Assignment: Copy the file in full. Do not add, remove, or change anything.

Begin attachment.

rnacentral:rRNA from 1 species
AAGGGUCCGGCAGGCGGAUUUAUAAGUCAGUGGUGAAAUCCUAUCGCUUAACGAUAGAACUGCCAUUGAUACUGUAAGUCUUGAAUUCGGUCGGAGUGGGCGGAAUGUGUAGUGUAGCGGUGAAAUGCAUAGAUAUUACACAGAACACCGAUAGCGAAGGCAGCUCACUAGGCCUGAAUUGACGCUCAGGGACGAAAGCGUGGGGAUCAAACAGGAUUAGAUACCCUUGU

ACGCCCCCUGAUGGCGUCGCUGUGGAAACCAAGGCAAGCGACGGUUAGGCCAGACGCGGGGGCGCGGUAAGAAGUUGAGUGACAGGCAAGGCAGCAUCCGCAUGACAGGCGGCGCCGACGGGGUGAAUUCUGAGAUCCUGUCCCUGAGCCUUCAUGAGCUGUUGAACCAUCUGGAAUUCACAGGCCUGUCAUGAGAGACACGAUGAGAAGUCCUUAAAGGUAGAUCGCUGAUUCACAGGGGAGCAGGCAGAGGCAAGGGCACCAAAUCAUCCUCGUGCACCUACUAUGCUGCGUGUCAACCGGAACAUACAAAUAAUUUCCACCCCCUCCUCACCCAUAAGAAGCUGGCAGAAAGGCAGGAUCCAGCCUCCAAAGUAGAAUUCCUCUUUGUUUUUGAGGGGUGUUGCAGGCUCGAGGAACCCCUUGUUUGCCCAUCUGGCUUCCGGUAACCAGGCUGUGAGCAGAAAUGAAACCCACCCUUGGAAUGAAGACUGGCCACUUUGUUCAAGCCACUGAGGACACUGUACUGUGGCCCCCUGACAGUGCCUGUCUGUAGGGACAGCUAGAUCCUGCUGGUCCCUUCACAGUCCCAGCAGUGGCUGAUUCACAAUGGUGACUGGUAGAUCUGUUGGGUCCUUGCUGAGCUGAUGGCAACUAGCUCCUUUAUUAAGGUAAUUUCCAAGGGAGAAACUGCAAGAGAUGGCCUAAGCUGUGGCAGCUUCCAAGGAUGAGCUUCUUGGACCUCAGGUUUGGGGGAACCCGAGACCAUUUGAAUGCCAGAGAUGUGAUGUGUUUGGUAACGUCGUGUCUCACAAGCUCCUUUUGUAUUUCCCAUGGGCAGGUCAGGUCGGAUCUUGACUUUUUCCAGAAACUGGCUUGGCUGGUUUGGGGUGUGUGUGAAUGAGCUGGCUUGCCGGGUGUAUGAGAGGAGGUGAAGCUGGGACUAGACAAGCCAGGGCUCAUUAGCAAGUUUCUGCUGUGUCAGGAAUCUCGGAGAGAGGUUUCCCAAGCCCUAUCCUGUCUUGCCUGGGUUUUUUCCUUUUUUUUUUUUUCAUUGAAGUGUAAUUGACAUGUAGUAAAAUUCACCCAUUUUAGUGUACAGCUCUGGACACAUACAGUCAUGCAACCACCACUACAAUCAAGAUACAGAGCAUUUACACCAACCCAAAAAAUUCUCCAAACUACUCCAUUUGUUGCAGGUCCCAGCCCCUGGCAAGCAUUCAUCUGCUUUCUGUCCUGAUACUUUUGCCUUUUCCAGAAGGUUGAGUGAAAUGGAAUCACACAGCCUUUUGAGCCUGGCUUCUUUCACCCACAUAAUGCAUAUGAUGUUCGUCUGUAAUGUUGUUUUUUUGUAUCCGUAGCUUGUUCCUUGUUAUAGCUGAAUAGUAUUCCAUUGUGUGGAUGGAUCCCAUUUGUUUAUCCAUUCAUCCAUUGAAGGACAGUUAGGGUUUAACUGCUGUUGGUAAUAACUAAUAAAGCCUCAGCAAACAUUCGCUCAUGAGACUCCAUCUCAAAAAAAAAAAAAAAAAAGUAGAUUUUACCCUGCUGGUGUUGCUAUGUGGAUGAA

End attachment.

rnacentral:rRNA from 1 species
AAGGGUCCGGCAGGCGGAUUUAUAAGUCAGUGGUGAAAUCCUAUCGCUUAACGAUAGAACUGCCAUUGAUACUGUAAGUCUUGAAUUCGGUCGGAGUGGGCGGAAUGUGUAGUGUAGCGGUGAAAUGCAUAGAUAUUACACAGAACACCGAUAGCGAAGGCAGCUCACUAGGCCUGAAUUGACGCUCAGGGACGAAAGCGUGGGGAUCAAACAGGAUUAGAUACCCUUGU

ACGCCCCCUGAUGGCGUCGCUGUGGAAACCAAGGCAAGCGACGGUUAGGCCAGACGCGGGGGCGCGGUAAGAAGUUGAGUGACAGGCAAGGCAGCAUCCGCAUGACAGGCGGCGCCGACGGGGUGAAUUCUGAGAUCCUGUCCCUGAGCCUUCAUGAGCUGUUGAACCAUCUGGAAUUCACAGGCCUGUCAUGAGAGACACGAUGAGAAGUCCUUAAAGGUAGAUCGCUGAUUCACAGGGGAGCAGGCAGAGGCAAGGGCACCAAAUCAUCCUCGUGCACCUACUAUGCUGCGUGUCAACCGGAACAUACAAAUAAUUUCCACCCCCUCCUCACCCAUAAGAAGCUGGCAGAAAGGCAGGAUCCAGCCUCCAAAGUAGAAUUCCUCUUUGUUUUUGAGGGGUGUUGCAGGCUCGAGGAACCCCUUGUUUGCCCAUCUGGCUUCCGGUAACCAGGCUGUGAGCAGAAAUGAAACCCACCCUUGGAAUGAAGACUGGCCACUUUGUUCAAGCCACUGAGGACACUGUACUGUGGCCCCCUGACAGUGCCUGUCUGUAGGGACAGCUAGAUCCUGCUGGUCCCUUCACAGUCCCAGCAGUGGCUGAUUCACAAUGGUGACUGGUAGAUCUGUUGGGUCCUUGCUGAGCUGAUGGCAACUAGCUCCUUUAUUAAGGUAAUUUCCAAGGGAGAAACUGCAAGAGAUGGCCUAAGCUGUGGCAGCUUCCAAGGAUGAGCUUCUUGGACCUCAGGUUUGGGGGAACCCGAGACCAUUUGAAUGCCAGAGAUGUGAUGUGUUUGGUAACGUCGUGUCUCACAAGCUCCUUUUGUAUUUCCCAUGGGCAGGUCAGGUCGGAUCUUGACUUUUUCCAGAAACUGGCUUGGCUGGUUUGGGGUGUGUGUGAAUGAGCUGGCUUGCCGGGUGUAUGAGAGGAGGUGAAGCUGGGACUAGACAAGCCAGGGCUCAUUAGCAAGUUUCUGCUGUGUCAGGAAUCUCGGAGAGAGGUUUCCCAAGCCCUAUCCUGUCUUGCCUGGGUUUUUUCCUUUUUUUUUUUUUCAUUGAAGUGUAAUUGACAUGUAGUAAAAUUCACCCAUUUUAGUGUACAGCUCUGGACACAUACAGUCAUGCAACCACCACUACAAUCAAGAUACAGAGCAUUUACACCAACCCAAAAAAUUCUCCAAACUACUCCAUUUGUUGCAGGUCCCAGCCCCUGGCAAGCAUUCAUCUGCUUUCUGUCCUGAUACUUUUGCCUUUUCCAGAAGGUUGAGUGAAAUGGAAUCACACAGCCUUUUGAGCCUGGCUUCUUUCACCCACAUAAUGCAUAUGAUGUUCGUCUGUAAUGUUGUUUUUUUGUAUCCGUAGCUUGUUCCUUGUUAUAGCUGAAUAGUAUUCCAUUGUGUGGAUGGAUCCCAUUUGUUUAUCCAUUCAUCCAUUGAAGGACAGUUAGGGUUUAACUGCUGUUGGUAAUAACUAAUAAAGCCUCAGCAAACAUUCGCUCAUGAGACUCCAUCUCAAAAAAAAAAAAAAAAAAGUAGAUUUUACCCUGCUGGUGUUGCUAUGUGGAUGAA